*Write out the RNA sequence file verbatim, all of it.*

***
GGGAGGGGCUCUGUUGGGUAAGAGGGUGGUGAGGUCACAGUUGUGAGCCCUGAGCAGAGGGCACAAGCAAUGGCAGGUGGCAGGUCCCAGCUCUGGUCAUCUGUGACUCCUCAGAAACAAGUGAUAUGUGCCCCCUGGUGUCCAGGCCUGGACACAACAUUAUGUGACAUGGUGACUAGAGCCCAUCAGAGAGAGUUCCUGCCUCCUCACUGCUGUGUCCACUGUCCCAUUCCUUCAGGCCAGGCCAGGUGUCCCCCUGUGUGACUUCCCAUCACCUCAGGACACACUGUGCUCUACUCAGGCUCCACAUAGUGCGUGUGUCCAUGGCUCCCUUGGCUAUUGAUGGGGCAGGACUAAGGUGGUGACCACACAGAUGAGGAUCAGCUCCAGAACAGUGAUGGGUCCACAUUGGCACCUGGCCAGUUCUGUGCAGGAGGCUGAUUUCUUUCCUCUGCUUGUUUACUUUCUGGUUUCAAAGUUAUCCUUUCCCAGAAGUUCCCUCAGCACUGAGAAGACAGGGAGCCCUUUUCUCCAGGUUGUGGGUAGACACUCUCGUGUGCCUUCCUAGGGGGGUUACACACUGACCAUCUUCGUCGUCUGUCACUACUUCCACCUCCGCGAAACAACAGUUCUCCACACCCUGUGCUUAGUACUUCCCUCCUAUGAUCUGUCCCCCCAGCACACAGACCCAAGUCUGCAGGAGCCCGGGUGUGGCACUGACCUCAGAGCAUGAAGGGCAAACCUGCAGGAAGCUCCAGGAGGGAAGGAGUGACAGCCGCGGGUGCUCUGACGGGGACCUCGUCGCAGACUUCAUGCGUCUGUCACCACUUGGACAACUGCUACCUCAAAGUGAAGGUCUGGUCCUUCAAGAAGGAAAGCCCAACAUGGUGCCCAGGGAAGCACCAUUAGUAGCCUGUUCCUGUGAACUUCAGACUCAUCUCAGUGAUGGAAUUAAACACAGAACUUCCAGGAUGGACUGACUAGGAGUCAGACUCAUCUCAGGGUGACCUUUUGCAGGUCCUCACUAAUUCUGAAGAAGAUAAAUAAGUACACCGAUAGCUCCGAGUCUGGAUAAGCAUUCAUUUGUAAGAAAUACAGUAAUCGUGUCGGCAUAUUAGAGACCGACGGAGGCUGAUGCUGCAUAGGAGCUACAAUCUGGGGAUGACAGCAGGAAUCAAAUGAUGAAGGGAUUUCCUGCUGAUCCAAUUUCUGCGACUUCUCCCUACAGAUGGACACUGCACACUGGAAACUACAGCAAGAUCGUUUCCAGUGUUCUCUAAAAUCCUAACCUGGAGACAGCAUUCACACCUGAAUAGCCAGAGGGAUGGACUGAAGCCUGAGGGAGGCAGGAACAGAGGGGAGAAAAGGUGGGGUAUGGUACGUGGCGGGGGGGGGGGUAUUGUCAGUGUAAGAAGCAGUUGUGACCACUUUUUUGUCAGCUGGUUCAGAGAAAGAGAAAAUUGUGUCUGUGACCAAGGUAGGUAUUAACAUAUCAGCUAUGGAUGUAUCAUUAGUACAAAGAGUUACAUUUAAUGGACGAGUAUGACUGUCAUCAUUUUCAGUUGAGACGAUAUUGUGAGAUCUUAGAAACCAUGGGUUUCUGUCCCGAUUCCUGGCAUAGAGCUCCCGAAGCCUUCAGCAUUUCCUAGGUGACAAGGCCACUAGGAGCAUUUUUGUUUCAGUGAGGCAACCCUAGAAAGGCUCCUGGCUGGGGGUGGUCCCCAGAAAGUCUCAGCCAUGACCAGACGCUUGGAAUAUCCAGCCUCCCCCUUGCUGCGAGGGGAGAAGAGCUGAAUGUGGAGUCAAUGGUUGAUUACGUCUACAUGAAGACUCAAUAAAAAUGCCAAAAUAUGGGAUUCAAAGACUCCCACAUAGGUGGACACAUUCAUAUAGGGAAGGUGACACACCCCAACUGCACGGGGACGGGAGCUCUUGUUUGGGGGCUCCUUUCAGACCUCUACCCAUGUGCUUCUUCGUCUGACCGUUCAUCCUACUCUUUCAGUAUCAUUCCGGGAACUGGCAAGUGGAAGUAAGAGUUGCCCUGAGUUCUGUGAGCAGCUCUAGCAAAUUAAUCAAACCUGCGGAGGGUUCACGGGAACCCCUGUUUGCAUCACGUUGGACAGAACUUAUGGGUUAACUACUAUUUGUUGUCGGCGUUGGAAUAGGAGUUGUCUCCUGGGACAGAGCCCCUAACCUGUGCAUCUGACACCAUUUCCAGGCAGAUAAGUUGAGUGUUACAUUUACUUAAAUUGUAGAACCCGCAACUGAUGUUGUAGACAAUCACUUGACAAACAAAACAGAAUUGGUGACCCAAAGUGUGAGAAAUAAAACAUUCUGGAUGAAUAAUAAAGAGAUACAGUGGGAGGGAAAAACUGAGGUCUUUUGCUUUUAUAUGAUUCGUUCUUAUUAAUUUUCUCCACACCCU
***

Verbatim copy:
GGGAGGGGCUCUGUUGGGUAAGAGGGUGGUGAGGUCACAGUUGUGAGCCCUGAGCAGAGGGCACAAGCAAUGGCAGGUGGCAGGUCCCAGCUCUGGUCAUCUGUGACUCCUCAGAAACAAGUGAUAUGUGCCCCCUGGUGUCCAGGCCUGGACACAACAUUAUGUGACAUGGUGACUAGAGCCCAUCAGAGAGAGUUCCUGCCUCCUCACUGCUGUGUCCACUGUCCCAUUCCUUCAGGCCAGGCCAGGUGUCCCCCUGUGUGACUUCCCAUCACCUCAGGACACACUGUGCUCUACUCAGGCUCCACAUAGUGCGUGUGUCCAUGGCUCCCUUGGCUAUUGAUGGGGCAGGACUAAGGUGGUGACCACACAGAUGAGGAUCAGCUCCAGAACAGUGAUGGGUCCACAUUGGCACCUGGCCAGUUCUGUGCAGGAGGCUGAUUUCUUUCCUCUGCUUGUUUACUUUCUGGUUUCAAAGUUAUCCUUUCCCAGAAGUUCCCUCAGCACUGAGAAGACAGGGAGCCCUUUUCUCCAGGUUGUGGGUAGACACUCUCGUGUGCCUUCCUAGGGGGGUUACACACUGACCAUCUUCGUCGUCUGUCACUACUUCCACCUCCGCGAAACAACAGUUCUCCACACCCUGUGCUUAGUACUUCCCUCCUAUGAUCUGUCCCCCCAGCACACAGACCCAAGUCUGCAGGAGCCCGGGUGUGGCACUGACCUCAGAGCAUGAAGGGCAAACCUGCAGGAAGCUCCAGGAGGGAAGGAGUGACAGCCGCGGGUGCUCUGACGGGGACCUCGUCGCAGACUUCAUGCGUCUGUCACCACUUGGACAACUGCUACCUCAAAGUGAAGGUCUGGUCCUUCAAGAAGGAAAGCCCAACAUGGUGCCCAGGGAAGCACCAUUAGUAGCCUGUUCCUGUGAACUUCAGACUCAUCUCAGUGAUGGAAUUAAACACAGAACUUCCAGGAUGGACUGACUAGGAGUCAGACUCAUCUCAGGGUGACCUUUUGCAGGUCCUCACUAAUUCUGAAGAAGAUAAAUAAGUACACCGAUAGCUCCGAGUCUGGAUAAGCAUUCAUUUGUAAGAAAUACAGUAAUCGUGUCGGCAUAUUAGAGACCGACGGAGGCUGAUGCUGCAUAGGAGCUACAAUCUGGGGAUGACAGCAGGAAUCAAAUGAUGAAGGGAUUUCCUGCUGAUCCAAUUUCUGCGACUUCUCCCUACAGAUGGACACUGCACACUGGAAACUACAGCAAGAUCGUUUCCAGUGUUCUCUAAAAUCCUAACCUGGAGACAGCAUUCACACCUGAAUAGCCAGAGGGAUGGACUGAAGCCUGAGGGAGGCAGGAACAGAGGGGAGAAAAGGUGGGGUAUGGUACGUGGCGGGGGGGGGGGUAUUGUCAGUGUAAGAAGCAGUUGUGACCACUUUUUUGUCAGCUGGUUCAGAGAAAGAGAAAAUUGUGUCUGUGACCAAGGUAGGUAUUAACAUAUCAGCUAUGGAUGUAUCAUUAGUACAAAGAGUUACAUUUAAUGGACGAGUAUGACUGUCAUCAUUUUCAGUUGAGACGAUAUUGUGAGAUCUUAGAAACCAUGGGUUUCUGUCCCGAUUCCUGGCAUAGAGCUCCCGAAGCCUUCAGCAUUUCCUAGGUGACAAGGCCACUAGGAGCAUUUUUGUUUCAGUGAGGCAACCCUAGAAAGGCUCCUGGCUGGGGGUGGUCCCCAGAAAGUCUCAGCCAUGACCAGACGCUUGGAAUAUCCAGCCUCCCCCUUGCUGCGAGGGGAGAAGAGCUGAAUGUGGAGUCAAUGGUUGAUUACGUCUACAUGAAGACUCAAUAAAAAUGCCAAAAUAUGGGAUUCAAAGACUCCCACAUAGGUGGACACAUUCAUAUAGGGAAGGUGACACACCCCAACUGCACGGGGACGGGAGCUCUUGUUUGGGGGCUCCUUUCAGACCUCUACCCAUGUGCUUCUUCGUCUGACCGUUCAUCCUACUCUUUCAGUAUCAUUCCGGGAACUGGCAAGUGGAAGUAAGAGUUGCCCUGAGUUCUGUGAGCAGCUCUAGCAAAUUAAUCAAACCUGCGGAGGGUUCACGGGAACCCCUGUUUGCAUCACGUUGGACAGAACUUAUGGGUUAACUACUAUUUGUUGUCGGCGUUGGAAUAGGAGUUGUCUCCUGGGACAGAGCCCCUAACCUGUGCAUCUGACACCAUUUCCAGGCAGAUAAGUUGAGUGUUACAUUUACUUAAAUUGUAGAACCCGCAACUGAUGUUGUAGACAAUCACUUGACAAACAAAACAGAAUUGGUGACCCAAAGUGUGAGAAAUAAAACAUUCUGGAUGAAUAAUAAAGAGAUACAGUGGGAGGGAAAAACUGAGGUCUUUUGCUUUUAUAUGAUUCGUUCUUAUUAAUUUUCUCCACACCCU